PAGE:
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The color you see in total darkness is not black: Is it normal human behavior to be afraid of the dark?

  • Humans do not wish to live in darkness.

    There are different levels of light and dark present throughout the day. Normally, one would expect to live in light during the day and in darkness at night. In total darkness, the color is not black because human eyes adjust to darkness, and thus the darkness is less pronounced. It also depends on outside light coming in through the window. An upset in this pattern has an effect on our biological rhythms. If you don't sleep in a room that is cool, quiet and dark, you may have sleep disturbances. Specifically,If you sleep in darkness, and wake up in darkness, your biological rhythm is interrupted, and you may feel tired. So, going to bed in darkness, with the eyes adjusting naturally, and waking up to light is the best way to get a good night's rest. Living in darkness is harmful to one's health. The body needs both light and dark - in the right amount.

  • Yes, it is normal to be afraid of the dark because it represents the unknown.

    Yes, it is normal human behavior to be afraid of the dark because it represents the unknown. The darkness hid predators and dangers when humans lived outside. This instinct lives on in humans today. It is completely natural to be afraid of the dark since it hides what is really there.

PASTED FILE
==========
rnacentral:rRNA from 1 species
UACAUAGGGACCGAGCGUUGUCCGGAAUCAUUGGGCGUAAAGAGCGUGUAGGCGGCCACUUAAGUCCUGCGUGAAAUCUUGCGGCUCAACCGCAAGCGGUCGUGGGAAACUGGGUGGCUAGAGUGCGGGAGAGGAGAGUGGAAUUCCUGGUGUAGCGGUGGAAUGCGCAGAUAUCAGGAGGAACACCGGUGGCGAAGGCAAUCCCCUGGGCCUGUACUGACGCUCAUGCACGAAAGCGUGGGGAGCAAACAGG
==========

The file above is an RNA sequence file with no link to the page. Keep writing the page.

• No, darkness itself is not what prompts fear in people who are "scared of the dark."

    No, it is not normal human behavior to be afraid of the dark, but instead it is normal human behavior to be fearful when not able to see as well. Darkness itself is not what causes people to be afraid, but the prospect of not being fully aware of surroundings is what actually scares people.

  • It's not normal to be afraid of the dark

    Science shows that the color we see in total darkness is not black, but rather an extremely dark grey. In light of this, it's time to call into question the normalcy of being afraid of the dark. I think this is an ingrained societal myth, founded on stories that have been passed down for generations, rather than expected human behavior.


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